DH: The EU Forest Law Enforcement Governance and Trade (FLEGT) Action Plan increases transparency, accountability, and oversight along the entire supply chain – from forest floor to manufacturer to end-user. Before FLEGT licenses are granted and issued to timber or timber products in a Voluntary Partnership Agreement (VPA) country, independent auditors and authorities ensure that timber has been legally harvested from legal sources. This process is conducted through verification of unambiguous evidence that timber and related activities comply with the requirements set out in that countries VPA, meeting their legality definition. Evidence is verified at different stages along the supply chain through gathering physical checks and documentation, information and/or data systemically collected. Verification of legality can be through government agencies, market participants, third-party organisations, or any combination of these groups. After achieving FLEGT licensing status, an independent auditor regularly checks and reports on implementation, effectiveness, and potential shortcomings of verifications.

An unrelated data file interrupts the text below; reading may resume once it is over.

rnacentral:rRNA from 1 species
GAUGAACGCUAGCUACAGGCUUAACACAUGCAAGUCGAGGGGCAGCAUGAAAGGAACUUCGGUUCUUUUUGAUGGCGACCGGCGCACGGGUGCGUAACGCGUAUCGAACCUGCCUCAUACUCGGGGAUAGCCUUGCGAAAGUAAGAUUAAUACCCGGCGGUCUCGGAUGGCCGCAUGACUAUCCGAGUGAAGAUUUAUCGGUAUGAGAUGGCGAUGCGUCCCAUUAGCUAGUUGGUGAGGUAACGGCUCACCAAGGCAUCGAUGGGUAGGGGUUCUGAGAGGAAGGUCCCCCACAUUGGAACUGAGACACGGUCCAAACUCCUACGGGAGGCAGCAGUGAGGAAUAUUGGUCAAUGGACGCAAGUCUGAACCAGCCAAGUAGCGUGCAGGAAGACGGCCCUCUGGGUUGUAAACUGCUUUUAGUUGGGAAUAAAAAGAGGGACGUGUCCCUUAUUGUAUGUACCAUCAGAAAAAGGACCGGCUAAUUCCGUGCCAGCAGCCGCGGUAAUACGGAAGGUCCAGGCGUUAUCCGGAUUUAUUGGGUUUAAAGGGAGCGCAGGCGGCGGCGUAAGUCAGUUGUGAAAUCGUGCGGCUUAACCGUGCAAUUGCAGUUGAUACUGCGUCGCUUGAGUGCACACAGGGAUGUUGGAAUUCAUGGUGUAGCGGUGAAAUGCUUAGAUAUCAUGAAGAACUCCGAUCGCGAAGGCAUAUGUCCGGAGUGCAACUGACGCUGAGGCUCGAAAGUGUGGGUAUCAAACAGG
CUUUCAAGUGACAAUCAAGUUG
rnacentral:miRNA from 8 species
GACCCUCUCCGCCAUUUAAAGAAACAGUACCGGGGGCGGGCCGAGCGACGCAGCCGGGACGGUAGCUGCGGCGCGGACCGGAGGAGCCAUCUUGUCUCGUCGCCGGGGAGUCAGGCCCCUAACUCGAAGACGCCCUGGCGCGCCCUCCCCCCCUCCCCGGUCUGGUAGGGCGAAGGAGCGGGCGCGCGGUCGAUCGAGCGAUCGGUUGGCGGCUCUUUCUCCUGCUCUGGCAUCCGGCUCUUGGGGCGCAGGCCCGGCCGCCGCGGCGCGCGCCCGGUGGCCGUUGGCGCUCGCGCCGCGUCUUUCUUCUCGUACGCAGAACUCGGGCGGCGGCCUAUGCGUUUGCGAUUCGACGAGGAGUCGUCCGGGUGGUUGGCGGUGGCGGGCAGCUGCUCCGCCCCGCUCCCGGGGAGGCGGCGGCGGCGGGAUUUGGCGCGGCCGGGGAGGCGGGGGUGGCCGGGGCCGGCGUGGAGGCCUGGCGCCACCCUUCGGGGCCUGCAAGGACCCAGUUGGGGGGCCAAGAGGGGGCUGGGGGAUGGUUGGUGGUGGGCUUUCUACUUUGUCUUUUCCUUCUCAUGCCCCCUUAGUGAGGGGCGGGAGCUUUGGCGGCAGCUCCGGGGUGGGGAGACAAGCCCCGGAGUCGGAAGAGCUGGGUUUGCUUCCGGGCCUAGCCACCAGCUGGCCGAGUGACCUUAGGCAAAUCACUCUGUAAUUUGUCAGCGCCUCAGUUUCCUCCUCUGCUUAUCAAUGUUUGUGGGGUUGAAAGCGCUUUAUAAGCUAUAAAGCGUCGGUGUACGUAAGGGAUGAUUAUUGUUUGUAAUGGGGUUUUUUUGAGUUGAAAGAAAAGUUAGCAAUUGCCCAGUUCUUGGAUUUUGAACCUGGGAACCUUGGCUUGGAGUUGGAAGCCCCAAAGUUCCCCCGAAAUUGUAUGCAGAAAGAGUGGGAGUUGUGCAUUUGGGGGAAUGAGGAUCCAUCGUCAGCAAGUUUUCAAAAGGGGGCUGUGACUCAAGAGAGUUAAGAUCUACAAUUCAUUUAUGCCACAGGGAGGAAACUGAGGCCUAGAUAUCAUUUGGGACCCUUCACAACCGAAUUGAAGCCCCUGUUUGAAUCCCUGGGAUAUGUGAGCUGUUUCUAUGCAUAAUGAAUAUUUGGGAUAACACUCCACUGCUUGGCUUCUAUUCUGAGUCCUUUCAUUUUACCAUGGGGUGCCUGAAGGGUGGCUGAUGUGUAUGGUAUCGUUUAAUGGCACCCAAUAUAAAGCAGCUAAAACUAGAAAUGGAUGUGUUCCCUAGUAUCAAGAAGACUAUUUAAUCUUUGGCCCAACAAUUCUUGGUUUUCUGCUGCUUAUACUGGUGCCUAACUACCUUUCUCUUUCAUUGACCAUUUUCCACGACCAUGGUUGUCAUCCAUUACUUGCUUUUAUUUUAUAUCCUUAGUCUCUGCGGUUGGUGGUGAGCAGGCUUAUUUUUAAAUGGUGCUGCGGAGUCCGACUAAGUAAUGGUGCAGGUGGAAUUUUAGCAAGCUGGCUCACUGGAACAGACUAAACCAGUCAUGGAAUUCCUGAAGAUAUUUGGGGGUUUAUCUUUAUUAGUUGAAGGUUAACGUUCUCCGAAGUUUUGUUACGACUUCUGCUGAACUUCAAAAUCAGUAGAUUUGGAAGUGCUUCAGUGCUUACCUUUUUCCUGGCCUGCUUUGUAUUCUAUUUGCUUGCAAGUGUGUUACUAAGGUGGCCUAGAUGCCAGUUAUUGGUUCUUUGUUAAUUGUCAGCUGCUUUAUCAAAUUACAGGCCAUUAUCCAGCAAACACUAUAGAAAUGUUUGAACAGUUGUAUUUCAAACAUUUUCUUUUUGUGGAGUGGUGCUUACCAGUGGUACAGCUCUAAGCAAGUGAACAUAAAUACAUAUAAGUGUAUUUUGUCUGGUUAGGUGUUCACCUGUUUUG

Greater insight through improved supply chain transparency, enables the partner VPA country to make information available for public scrutiny to improve transparency and accountability. This disclosure of information strengthens governance in the forest sector and enables implementation of a countries VPA to be monitored. This further enables reports on effectivities and potential shortcomings to be flagged up and confronted. In this respect, a countries VPA increases transparency: underpinning legality, accountability, legal clarify and participation; reinforces credibility and limits opportunities for corruption. The benefits extend further to creating scrutiny for the forestry sector and enable rights and responsibilities for forest stakeholders.